Reporters Without Borders (RSF) calls on the Japanese authorities to issue new passports without delay to war correspondents and ex-hostages Jumpei Yasuda and Kosuke Tsuneoka. The former is waiting for his passport since his return in late October from Syria, where he was held hostage for more than three years. The latter, who was held hostage for five months in Afghanistan in 2010, had his passport confiscated in February under questionable regulations.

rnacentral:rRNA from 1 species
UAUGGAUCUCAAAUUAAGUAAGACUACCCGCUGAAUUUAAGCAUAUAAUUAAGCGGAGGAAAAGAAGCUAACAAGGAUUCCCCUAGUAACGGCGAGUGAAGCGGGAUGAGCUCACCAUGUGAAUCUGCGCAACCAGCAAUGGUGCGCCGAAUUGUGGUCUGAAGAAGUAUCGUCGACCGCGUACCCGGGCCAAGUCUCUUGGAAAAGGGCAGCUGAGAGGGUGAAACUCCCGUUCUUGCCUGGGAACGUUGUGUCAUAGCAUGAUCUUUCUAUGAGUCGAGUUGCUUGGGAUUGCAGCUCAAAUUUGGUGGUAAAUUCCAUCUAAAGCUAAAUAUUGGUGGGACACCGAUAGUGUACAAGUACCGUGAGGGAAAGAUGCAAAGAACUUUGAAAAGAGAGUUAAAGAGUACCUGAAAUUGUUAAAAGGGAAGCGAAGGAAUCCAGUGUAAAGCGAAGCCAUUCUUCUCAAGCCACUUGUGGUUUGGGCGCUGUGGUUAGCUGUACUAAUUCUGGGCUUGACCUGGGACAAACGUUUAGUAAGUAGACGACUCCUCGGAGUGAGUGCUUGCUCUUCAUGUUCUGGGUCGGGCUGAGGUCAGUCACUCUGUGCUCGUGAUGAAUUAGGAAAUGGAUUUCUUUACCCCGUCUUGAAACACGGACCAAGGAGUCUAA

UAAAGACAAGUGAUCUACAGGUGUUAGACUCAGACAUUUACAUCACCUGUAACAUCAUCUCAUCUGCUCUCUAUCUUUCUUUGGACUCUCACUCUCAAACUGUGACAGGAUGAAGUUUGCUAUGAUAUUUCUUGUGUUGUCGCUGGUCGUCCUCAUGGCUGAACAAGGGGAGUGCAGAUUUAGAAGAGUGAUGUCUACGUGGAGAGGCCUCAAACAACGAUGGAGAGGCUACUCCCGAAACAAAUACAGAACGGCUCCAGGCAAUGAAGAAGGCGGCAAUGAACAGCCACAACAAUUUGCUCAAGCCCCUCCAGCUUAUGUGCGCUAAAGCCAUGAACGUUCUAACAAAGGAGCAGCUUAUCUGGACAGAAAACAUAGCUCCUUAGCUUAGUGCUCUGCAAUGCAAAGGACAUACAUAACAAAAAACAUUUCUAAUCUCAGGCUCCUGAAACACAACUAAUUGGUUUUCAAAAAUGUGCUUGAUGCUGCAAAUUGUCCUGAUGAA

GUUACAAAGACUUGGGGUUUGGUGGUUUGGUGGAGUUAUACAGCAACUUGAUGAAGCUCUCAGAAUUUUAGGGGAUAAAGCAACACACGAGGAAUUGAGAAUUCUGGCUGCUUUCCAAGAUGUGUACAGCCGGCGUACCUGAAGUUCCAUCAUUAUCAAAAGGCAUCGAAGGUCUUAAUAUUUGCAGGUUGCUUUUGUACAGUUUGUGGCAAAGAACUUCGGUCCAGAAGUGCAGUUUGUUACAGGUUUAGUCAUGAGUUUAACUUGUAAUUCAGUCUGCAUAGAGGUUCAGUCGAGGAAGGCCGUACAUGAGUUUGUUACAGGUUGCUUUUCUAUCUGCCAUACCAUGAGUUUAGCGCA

"In a democratic state, it is not acceptable that the administration assumes the right to limit the movements of journalists,” insists Cédric Alviani, head of RSF’s East Asia office. “The Japanese authorities would be better off showing gratitude to reporters who risk their lives to inform the public, rather than preventing them from working.”
In recent years, a segment of the Japanese opinion has accused war correspondents of being irresponsible by reporting within areas where they risk being kidnapped, which they see as a source of embarrassment for the country.
Japan ranks 67th out of 180 in the 2019 World Press Freedom Index.